Acknowledging it lacks the legal grounds to block a controversial project, city council on Monday reversed an earlier decision and gave a developer the go-ahead to build a six-story apartment, retail and parking garage complex at the corner of Main and Haines streets.

However, council also recognized long-simmering criticism of development projects downtown and agreed to consider imposing a moratorium on new projects while it studies possible changes to the code.

“I think the residents of Newark expect maybe a little bit different approach from us on some of the zoning laws that have been in place for decades now,” Mayor Jerry Clifton said.

On May 10, council rejected the 141 E. Main St. project in a 4-3 vote. But after a closed-door meeting with its attorney a week later, it announced it would reconsider the vote. The issue revolved around the legality of the reasons some council members gave for rejecting the project.

“Based on my many, many years on council, in my opinion, there was really some confusion among council members about the criteria to be considered,” Clifton said. “We owe it to the citizens of Newark and to the applicant to ensure the proper criteria is considered.”

City code stipulates that approval should be based on factors such as common open space, unique treatment of parking facilities, outstanding architectural design, association with the natural environment including landscaping, relationship to neighborhood and community and/or energy conservation.

Denial for reasons other than those listed – such as Councilwoman Dwendolyn Creecy’s concern that the apartments would be priced for the high-end market instead of her working-class constituents – could leave the city open to litigation.

On Monday, council approved the project 5-1. Creecy and Councilwoman Sharon Hughes changed their votes from no to yes, and Councilman Jay Bancroft once again voted in opposition. The fourth ‘no’ vote last month, Councilman James Horning Jr., has since resigned from council.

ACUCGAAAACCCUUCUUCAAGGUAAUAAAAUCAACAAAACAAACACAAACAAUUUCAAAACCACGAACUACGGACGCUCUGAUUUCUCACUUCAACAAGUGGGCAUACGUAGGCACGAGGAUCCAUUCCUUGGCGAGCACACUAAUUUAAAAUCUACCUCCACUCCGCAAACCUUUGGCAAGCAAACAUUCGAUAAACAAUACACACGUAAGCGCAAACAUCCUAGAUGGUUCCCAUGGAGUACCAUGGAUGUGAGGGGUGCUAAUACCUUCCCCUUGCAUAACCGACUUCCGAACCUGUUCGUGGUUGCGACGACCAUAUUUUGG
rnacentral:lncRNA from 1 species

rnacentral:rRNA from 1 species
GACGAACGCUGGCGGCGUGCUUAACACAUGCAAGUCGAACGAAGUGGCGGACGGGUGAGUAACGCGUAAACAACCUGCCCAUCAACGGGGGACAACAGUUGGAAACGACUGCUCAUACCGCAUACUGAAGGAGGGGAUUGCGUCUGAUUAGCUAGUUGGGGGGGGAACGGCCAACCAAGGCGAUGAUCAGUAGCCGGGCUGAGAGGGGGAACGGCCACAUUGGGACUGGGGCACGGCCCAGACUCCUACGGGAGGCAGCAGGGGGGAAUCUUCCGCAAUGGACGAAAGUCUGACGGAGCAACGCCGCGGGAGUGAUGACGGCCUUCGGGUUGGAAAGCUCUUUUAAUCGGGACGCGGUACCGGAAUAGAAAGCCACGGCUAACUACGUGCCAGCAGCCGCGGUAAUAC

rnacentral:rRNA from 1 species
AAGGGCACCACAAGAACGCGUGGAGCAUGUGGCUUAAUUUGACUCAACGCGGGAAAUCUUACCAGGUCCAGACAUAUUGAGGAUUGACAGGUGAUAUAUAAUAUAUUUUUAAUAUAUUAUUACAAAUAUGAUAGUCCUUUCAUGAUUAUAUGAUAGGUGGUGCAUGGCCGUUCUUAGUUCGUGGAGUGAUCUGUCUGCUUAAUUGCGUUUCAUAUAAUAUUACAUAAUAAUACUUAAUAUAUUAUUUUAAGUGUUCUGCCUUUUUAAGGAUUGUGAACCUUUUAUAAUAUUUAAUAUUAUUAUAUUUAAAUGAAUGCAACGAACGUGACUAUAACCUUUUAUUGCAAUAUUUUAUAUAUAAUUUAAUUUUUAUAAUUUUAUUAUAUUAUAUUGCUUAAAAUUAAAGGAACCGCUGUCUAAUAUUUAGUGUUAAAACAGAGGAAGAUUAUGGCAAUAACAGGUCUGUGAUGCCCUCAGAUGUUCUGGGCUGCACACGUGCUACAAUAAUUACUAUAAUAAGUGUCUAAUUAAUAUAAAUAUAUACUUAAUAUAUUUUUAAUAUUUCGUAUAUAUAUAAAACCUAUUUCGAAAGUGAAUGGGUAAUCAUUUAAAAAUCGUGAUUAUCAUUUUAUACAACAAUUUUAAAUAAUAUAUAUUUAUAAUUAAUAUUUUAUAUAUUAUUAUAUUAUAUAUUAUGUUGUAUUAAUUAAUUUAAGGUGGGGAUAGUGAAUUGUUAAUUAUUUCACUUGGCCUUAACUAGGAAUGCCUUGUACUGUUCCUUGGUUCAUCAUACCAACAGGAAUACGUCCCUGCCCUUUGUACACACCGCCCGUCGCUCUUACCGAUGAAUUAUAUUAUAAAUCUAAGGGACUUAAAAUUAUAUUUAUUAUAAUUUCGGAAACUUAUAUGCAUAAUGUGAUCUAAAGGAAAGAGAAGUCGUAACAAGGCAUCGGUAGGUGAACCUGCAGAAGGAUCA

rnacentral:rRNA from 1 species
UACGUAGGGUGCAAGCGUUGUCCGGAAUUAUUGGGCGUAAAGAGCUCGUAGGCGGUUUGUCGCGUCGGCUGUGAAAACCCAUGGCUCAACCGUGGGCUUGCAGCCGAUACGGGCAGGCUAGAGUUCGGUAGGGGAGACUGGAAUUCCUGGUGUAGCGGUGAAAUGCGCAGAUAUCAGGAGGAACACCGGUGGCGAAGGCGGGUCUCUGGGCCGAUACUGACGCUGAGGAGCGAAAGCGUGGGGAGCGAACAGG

Creecy said Monday that she had decided to support the project after learning about potential legislation that could help low-income people find housing, though it wasn’t immediately clear what legislation she was referring to.

“It sounds like somebody is swooping down below and actually listening to my constituents over here in District 4,” she said. “I am also in agreement with the fact that there will be added parking and things of that nature for the businesses that reside on Main Street.”

Hughes said she remains disappointed that the University of Delaware has shifted the burden of housing students to private developers, which in turn affects Main Street.

“They took away our houses and took away our Main Street,” Hughes said. “So I’m not happy, but I’m going to vote yes. I just want the developers to know that there’s too many apartments. I think that we could scale down those apartments. I think that's a reasonable request.”

Apartment building will include public parking garage

The project at 141 E. Main St. was proposed by Newark Main Street Acquisition Co. LLC, a firm tied to developers Michael Scali and Todd Bariglio, who built the Rittenhouse Station retail and apartment complex on South Main Street several years ago.

At 78 feet, the building will be the tallest on Main Street.